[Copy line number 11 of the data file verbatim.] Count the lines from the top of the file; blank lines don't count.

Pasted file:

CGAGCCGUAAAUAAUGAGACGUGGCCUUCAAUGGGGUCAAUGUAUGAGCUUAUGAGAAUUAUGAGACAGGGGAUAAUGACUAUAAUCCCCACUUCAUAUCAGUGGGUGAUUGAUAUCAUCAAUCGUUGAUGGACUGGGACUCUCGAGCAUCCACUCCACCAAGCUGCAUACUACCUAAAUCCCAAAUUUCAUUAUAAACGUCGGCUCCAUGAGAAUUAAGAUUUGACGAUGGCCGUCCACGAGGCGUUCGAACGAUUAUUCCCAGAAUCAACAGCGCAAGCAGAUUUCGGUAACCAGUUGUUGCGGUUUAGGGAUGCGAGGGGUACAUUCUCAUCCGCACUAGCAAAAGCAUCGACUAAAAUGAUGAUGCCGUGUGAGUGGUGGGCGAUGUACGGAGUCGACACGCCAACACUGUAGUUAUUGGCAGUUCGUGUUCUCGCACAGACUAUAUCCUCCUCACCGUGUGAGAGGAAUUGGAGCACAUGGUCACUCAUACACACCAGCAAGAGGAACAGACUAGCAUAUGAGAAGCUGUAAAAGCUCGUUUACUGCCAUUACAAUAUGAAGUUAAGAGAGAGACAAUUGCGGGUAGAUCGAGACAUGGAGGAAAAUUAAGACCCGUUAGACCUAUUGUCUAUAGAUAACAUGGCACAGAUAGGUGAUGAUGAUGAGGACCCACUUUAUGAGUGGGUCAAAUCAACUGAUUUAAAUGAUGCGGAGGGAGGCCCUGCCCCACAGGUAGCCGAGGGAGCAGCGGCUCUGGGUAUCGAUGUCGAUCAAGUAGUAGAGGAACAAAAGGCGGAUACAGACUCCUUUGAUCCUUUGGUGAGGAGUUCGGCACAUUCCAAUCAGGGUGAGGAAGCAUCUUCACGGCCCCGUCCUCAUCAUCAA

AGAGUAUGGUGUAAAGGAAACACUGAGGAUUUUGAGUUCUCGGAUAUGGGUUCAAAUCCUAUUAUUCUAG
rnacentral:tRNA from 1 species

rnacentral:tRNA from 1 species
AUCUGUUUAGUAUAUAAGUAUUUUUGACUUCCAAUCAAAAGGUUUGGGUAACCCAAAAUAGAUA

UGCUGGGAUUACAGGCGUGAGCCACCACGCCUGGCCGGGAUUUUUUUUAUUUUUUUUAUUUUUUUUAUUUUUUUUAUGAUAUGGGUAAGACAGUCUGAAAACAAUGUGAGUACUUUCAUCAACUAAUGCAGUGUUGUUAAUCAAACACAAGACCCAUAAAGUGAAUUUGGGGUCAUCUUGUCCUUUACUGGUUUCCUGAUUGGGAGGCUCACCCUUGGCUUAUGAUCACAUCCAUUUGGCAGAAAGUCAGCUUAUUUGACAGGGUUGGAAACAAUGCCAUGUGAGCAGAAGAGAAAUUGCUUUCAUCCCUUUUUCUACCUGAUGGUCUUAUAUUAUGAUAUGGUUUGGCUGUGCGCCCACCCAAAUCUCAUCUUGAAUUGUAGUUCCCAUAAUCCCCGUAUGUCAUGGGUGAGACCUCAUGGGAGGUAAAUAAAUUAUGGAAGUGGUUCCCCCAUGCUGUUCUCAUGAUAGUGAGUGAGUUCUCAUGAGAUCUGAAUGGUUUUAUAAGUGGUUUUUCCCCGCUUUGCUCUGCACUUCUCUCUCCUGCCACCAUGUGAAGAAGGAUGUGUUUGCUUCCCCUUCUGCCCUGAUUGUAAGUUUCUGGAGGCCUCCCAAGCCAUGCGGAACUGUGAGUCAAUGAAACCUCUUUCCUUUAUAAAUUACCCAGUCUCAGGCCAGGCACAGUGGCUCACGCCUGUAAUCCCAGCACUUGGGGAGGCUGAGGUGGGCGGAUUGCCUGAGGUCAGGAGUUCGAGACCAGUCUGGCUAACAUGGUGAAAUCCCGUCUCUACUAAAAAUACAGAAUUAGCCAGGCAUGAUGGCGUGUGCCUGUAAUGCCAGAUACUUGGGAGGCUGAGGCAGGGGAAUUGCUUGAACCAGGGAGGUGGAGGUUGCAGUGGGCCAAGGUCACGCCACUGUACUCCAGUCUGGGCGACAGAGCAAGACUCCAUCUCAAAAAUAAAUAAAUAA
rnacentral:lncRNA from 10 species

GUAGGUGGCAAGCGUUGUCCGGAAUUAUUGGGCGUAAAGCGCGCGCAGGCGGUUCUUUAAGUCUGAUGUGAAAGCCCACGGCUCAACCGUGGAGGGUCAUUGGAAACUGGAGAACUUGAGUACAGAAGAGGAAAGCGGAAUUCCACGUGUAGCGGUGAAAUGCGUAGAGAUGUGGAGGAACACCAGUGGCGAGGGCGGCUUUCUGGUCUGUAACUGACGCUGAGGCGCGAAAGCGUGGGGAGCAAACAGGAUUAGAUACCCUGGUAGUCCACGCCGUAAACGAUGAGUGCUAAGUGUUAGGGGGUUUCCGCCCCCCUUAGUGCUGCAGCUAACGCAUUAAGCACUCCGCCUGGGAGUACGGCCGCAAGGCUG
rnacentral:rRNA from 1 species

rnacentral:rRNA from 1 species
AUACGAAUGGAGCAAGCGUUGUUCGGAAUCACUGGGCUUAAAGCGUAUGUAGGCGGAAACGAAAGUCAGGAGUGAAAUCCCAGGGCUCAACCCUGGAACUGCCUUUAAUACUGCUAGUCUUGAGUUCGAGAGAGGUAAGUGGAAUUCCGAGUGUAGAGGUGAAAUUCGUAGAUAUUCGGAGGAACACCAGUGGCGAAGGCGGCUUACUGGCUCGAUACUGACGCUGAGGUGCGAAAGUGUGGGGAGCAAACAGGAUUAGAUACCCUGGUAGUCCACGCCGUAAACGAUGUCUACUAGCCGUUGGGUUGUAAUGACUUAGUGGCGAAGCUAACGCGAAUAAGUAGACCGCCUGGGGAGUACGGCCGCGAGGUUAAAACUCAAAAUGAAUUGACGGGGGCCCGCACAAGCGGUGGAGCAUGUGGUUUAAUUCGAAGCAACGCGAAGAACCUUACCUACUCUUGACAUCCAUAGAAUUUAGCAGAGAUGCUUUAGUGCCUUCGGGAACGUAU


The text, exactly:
AUACGAAUGGAGCAAGCGUUGUUCGGAAUCACUGGGCUUAAAGCGUAUGUAGGCGGAAACGAAAGUCAGGAGUGAAAUCCCAGGGCUCAACCCUGGAACUGCCUUUAAUACUGCUAGUCUUGAGUUCGAGAGAGGUAAGUGGAAUUCCGAGUGUAGAGGUGAAAUUCGUAGAUAUUCGGAGGAACACCAGUGGCGAAGGCGGCUUACUGGCUCGAUACUGACGCUGAGGUGCGAAAGUGUGGGGAGCAAACAGGAUUAGAUACCCUGGUAGUCCACGCCGUAAACGAUGUCUACUAGCCGUUGGGUUGUAAUGACUUAGUGGCGAAGCUAACGCGAAUAAGUAGACCGCCUGGGGAGUACGGCCGCGAGGUUAAAACUCAAAAUGAAUUGACGGGGGCCCGCACAAGCGGUGGAGCAUGUGGUUUAAUUCGAAGCAACGCGAAGAACCUUACCUACUCUUGACAUCCAUAGAAUUUAGCAGAGAUGCUUUAGUGCCUUCGGGAACGUAU